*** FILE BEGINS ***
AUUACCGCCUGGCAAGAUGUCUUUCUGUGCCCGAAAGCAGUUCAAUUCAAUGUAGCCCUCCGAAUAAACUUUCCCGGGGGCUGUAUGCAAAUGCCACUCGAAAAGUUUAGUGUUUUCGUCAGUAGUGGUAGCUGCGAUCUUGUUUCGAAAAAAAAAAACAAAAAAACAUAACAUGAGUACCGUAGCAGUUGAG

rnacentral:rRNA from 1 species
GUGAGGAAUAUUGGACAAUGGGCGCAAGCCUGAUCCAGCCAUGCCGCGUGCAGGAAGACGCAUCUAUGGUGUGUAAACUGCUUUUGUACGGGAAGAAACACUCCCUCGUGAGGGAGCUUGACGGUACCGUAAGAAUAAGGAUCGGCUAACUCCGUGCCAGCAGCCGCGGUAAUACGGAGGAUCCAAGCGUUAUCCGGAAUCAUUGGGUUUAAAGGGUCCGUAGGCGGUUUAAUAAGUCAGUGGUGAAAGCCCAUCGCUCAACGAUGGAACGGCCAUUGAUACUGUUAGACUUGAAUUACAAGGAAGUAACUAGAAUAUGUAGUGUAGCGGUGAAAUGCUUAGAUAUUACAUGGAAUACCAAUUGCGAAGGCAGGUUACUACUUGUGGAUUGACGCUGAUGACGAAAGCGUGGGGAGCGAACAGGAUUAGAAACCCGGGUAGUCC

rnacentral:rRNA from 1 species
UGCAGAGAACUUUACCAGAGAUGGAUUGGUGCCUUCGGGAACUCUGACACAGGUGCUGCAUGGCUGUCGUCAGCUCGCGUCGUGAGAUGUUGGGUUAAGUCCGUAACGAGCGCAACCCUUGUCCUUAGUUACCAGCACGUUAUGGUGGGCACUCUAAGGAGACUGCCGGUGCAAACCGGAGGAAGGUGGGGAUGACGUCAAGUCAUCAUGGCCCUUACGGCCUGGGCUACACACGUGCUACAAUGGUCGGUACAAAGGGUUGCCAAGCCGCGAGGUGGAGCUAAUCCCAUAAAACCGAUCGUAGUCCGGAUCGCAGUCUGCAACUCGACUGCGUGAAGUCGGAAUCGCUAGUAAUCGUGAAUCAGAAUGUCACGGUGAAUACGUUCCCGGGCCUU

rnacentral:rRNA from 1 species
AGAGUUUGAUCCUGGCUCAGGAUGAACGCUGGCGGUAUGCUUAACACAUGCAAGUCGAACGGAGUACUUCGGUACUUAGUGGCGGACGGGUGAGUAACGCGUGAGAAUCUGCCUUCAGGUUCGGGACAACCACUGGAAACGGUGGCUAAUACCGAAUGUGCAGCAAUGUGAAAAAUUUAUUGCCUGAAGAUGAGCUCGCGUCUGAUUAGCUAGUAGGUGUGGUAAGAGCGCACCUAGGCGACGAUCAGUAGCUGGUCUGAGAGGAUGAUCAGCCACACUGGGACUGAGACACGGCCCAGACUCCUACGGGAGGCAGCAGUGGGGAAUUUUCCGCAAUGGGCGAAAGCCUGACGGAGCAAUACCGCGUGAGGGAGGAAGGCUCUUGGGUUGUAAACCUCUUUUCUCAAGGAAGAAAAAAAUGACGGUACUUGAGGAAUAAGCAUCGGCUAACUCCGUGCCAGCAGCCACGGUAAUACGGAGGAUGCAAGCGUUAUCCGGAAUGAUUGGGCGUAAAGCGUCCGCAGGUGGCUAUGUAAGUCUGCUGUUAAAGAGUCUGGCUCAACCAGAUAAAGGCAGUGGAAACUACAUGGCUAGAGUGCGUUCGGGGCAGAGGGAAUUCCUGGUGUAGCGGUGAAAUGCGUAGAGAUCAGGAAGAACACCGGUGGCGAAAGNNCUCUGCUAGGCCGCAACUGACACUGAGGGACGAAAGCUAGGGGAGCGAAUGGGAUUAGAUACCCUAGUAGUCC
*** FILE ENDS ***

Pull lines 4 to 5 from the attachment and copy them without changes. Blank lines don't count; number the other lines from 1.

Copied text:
rnacentral:rRNA from 1 species
UGCAGAGAACUUUACCAGAGAUGGAUUGGUGCCUUCGGGAACUCUGACACAGGUGCUGCAUGGCUGUCGUCAGCUCGCGUCGUGAGAUGUUGGGUUAAGUCCGUAACGAGCGCAACCCUUGUCCUUAGUUACCAGCACGUUAUGGUGGGCACUCUAAGGAGACUGCCGGUGCAAACCGGAGGAAGGUGGGGAUGACGUCAAGUCAUCAUGGCCCUUACGGCCUGGGCUACACACGUGCUACAAUGGUCGGUACAAAGGGUUGCCAAGCCGCGAGGUGGAGCUAAUCCCAUAAAACCGAUCGUAGUCCGGAUCGCAGUCUGCAACUCGACUGCGUGAAGUCGGAAUCGCUAGUAAUCGUGAAUCAGAAUGUCACGGUGAAUACGUUCCCGGGCCUU